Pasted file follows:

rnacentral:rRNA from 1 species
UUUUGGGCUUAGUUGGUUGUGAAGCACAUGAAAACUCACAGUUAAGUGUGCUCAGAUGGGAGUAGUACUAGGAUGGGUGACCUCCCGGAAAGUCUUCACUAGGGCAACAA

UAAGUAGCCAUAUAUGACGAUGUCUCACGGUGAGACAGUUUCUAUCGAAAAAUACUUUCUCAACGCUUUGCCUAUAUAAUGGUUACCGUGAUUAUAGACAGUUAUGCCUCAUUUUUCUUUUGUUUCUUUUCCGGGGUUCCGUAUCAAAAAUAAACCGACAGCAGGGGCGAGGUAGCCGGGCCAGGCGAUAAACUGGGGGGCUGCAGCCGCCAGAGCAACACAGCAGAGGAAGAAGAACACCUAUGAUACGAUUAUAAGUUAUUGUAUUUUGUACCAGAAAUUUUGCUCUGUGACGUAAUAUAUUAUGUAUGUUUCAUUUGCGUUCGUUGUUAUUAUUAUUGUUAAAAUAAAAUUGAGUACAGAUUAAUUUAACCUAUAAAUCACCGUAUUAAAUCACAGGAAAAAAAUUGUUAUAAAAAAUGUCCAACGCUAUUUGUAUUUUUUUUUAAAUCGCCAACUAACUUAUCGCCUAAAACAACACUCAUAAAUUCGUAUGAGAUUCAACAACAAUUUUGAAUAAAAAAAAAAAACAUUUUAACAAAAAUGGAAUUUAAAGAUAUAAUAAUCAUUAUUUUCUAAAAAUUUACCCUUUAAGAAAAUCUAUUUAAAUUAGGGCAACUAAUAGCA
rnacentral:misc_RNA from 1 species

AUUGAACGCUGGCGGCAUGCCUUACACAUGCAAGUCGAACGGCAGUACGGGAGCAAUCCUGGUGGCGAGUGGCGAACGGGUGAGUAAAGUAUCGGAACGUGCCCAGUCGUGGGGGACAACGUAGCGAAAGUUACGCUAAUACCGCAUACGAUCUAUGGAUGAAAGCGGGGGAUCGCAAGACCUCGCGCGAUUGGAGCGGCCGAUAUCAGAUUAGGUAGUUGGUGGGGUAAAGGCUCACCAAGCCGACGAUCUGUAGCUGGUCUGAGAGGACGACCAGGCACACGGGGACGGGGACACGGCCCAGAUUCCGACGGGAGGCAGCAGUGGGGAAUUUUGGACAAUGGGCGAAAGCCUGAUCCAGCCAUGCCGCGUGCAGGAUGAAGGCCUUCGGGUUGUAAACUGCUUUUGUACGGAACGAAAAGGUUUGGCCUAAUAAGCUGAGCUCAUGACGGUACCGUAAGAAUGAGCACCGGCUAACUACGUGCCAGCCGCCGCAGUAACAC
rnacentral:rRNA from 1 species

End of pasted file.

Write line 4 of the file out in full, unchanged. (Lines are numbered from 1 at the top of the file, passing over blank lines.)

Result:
rnacentral:misc_RNA from 1 species